This Week In Techdirt History: March 12th - 18th

from the old-stories dept

Five Years Ago

This week in 2012, politicians were still reeling from recent public opposition. Don't get SOPA'd had become the new mantra in DC, while the European Commission was blaming ACTA's failure on social media and starting to worry about its upcoming copyright directive. Rep. Lamar Smith was unperturbed though, which is why people were working to fund a "Don't Mess With The Internet" billboard in his district.

Also this week in 2012: Mojang and Bethesda settled their dispute over the Scrolls trademark, Megaupload was negotiating with the government to let users retrieve their files from the service, and the Encyclopaedia Britannica ended an era by discontinuing its print edition.

Ten Years Ago

This week in 2007, Viacom followed up on its mass YouTube takedowns with a now-infamous billion-dollar lawsuit — just as some of those who had their videos taken down were suing Viacom. Meanwhile, Hollywood was trying to export DRM around the globe even as the EU Commissioner was making veiled threats about stopping DRM on music. While one Microsoft executive was admitting the company benefits from piracy, the video game industry was joining the BSA, RIAA, MPAA et al in spreading bogus piracy stats. And we were pleasantly surprised to discover at least one person in congress who understood mixtapes and mashups.

Fifteen Years Ago

This week in 2002, plenty of things were on the horizon. Augmented reality was making early waves (very early, obviously), people were warning about mobile phone viruses, news broadcasters had only just really started using green-screen sets instead of fancy newsrooms, and plagiarism-detection software was just starting to get the attention of universities. While Canada was trying to pass its levy on blank storage media (which still plagues its blank CDs to this day), webcasters and record labels were actually on the same side fighting against high internet radio royalties (if you can believe it). Meanwhile, the legal saga of "sucks" sites played out another chapter in the courts.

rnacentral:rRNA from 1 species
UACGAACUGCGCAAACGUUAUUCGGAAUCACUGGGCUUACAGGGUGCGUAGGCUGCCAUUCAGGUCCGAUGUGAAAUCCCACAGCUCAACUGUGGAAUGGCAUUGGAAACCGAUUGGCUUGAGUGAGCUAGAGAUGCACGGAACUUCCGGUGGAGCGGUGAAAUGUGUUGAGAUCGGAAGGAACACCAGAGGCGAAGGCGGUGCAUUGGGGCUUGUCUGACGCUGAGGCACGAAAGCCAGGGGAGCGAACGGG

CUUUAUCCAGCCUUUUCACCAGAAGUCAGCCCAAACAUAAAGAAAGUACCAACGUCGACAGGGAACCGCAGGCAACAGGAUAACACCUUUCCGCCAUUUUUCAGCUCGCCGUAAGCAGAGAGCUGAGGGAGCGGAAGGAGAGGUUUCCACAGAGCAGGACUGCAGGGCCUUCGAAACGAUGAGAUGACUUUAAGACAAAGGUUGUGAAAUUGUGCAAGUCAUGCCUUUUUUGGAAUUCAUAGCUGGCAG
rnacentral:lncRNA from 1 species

Filed Under: history, look back

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  • icon
    Roger Strong (profile), 18 Mar 2017 @ 4:21pm

    Canadian levee on blank storage media

    However, even worse, would be the taxes on MP3 players and other devices that include a lot of storage. The pricing comes out to $21/gigabyte, so any Canadians should expect to pay an extra $100 for their iPod, or another $400(!) for one of those 20 gig portable jukebox players.

    And that would only be on day one. The tariff would add $2688 to my current phone. And $172,032 to my 8TB NAS drive.

    The tax on the tariff alone would be more than the value of the devices. (Tariffs and taxes are often taxed by other taxes.)

    Given that storage capacities had already been skyrocketing for decades, it's a safe bet that this was the intention.

    reply to this | link to this | view in chronology ]

  • icon
    Aaron Walkhouse (profile), 18 Mar 2017 @ 4:23pm


    Levee: [lev-ee]

    1. an embankment designed to prevent the flooding of a river.
    2. Geology. natural levee.
    3. Agriculture. one of the small continuous ridges surrounding fields that are to be irrigated.
    4. History/Historical. a landing place for ships; quay.

    verb (used with object), leveed, leveeing.
    5. to furnish with a levee: to levee a treacherous stream.


    Levy: [lev-ee]

    1. an imposing or collecting, as of a tax, by authority or force.
    2. the amount owed or collected.
    3. the conscription of troops.
    4. the troops conscripted.

    verb (used with object), levied, levying.
    5. to impose (a tax): to levy a duty on imports.
    6. to conscript (troops).
    7. to start or wage (war).

    verb (used without object), levied, levying.
    8. to seize or attach property by judicial order.

    reply to this | link to this | view in chronology ]

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